Although I can’t hope to match either the panel’s expertise or their wit (a recent edible gardening discussion devolved into testing the soil temperature by getting naked in the garden to decide whether it is warm enough to plant), I will try to pass on my vegetable-growing tips and inject levity where possible in with Ciscoe’s banter. He’s a great host, an expert in just about everything green, and a fun person to chat with, and I always look forward to the show.

So listen if you can, call in if you’d like, and don’t worry about the weeding. As they say on GQT, “you’ll be back to the garden in 45 minutes.”

Here are a few photos from the National Botanic Garden in Wales, which is about an hour north of Swansea. It’s an amazing place you should visit if you ever get the chance.

Favas & Garlic: Savory Spring Recipe

The garlic has just begun its sun salutations. Bouquets of fava bean leaves are catching the Garlic and favasspring rains as they emerge on sturdy stems. The promise of these two early summer delicacies is just coming into leaf, but already it’s blooming in my mind. What awaits is a rich, savory saute of succulent beans and fiery garlic in butter and oil.

So it’s a little early yet, but I’ll share one of my favorite recipes:

Fava Beans in Spring Garlic

Ingredients:

4 handfuls of fava bean pods (pick when the pods begin to droop on the plant; use immediately, as the bean’s sugars will turn to starch in 1-2 days)

2 heads spring garlic (pull while tops are fully green and perhaps 12 inches high; choose plants that have ended up overly close to their neighbors, thus enabling the adjacent plant to fully develop its bulb)

3 T olive oil

3 T butter

Directions:

Shell the beans, and drop the bean seeds all at once into a pan of boiling water (enough to cover). Swirl and cook for a very short time, perhaps 30 seconds, until the beans begin to turn brighter green. Use a sieve to quickly remove the beans and drop them into a bowl of icy water to stop the cooking.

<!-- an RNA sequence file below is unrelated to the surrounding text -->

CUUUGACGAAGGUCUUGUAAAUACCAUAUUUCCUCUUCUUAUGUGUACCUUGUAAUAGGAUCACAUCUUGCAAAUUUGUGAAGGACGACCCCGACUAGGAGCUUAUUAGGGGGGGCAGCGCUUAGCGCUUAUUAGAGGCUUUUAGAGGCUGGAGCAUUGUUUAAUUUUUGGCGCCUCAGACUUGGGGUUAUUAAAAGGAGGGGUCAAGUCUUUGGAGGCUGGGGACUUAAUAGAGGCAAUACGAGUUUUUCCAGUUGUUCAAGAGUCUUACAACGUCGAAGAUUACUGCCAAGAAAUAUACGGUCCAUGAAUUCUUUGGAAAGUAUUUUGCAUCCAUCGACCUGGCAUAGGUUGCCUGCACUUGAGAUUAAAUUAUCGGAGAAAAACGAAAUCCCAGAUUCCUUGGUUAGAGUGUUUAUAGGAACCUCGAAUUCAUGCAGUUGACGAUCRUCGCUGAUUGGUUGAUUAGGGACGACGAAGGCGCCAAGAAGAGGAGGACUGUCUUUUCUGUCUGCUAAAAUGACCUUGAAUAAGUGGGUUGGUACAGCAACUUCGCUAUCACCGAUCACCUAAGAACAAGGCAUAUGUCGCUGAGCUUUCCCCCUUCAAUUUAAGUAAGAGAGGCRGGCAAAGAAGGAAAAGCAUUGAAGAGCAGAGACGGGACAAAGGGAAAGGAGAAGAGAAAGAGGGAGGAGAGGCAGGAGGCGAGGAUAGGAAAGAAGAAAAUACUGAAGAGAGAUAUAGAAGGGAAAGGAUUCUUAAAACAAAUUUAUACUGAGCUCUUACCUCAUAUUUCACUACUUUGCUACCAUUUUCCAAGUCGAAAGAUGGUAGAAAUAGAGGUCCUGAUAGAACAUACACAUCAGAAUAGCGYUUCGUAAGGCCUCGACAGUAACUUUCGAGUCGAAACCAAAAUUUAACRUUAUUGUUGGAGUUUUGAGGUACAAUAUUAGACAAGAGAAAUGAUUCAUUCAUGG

As the beans cool, pluck them from the water and pinch off their rubbery outer skin. It will be loose and easily removed, the bean slippery within. Use a knife to cut a slot in the skin if necessary to pop the bean out. Discard the skins and reserve the beans to dry.

Rinse and trim the garlic. Discard the outer green leaves. The young garlic bulb will not have differentiated cloves, and you will use the entire thing, plus some of the greens. Roughly chop the garlic into half-inch chunks.

Warm the olive oil in a saute pan to medium heat and add the garlic to the sizzling oil. Cook the garlic for a minute or so, tossing regularly, until limp and giving off a pungent odor.

Add the fava beans. Add the butter. As the butter melts, stir to coat the favas. Reduce heat if sizzling and cook for up to five minutes, testing the beans for doneness. When the beans have softened and can easily be speared with a fork, remove from heat.

Sprinkle with sea salt and eat immediately. Serves 2 people.

 

Worth waiting for

I love this recipe for its simplicity, and its fresh taste of spring. In fact, watching these plants develop is one of the joys of the spring season.

Young garlic, pulled before the bulb has had a chance to differentiate into cloves, has an onionlike texture and a flavor that is equal parts spiciness and grassiness.

Fresh fava beans, freed from their tough, grey seed coats, seem to be equal parts sugar and substance. Once cooked, they retain a meaty toothsomeness like the interior of a firm baked potato, but with only a light starchiness.

It’s too soon to be whipping up this recipe, but I mentioned it in my column in the current issue of Edible Seattle. (If you’ve come to this site because of the column, thank you for supporting that fine magazine!) You might not have these two crops growing in your garden right now. Plan to grow them next year, and this spring, look for fresh favas and young garlic at your local farmers market. The dish is worth the wait.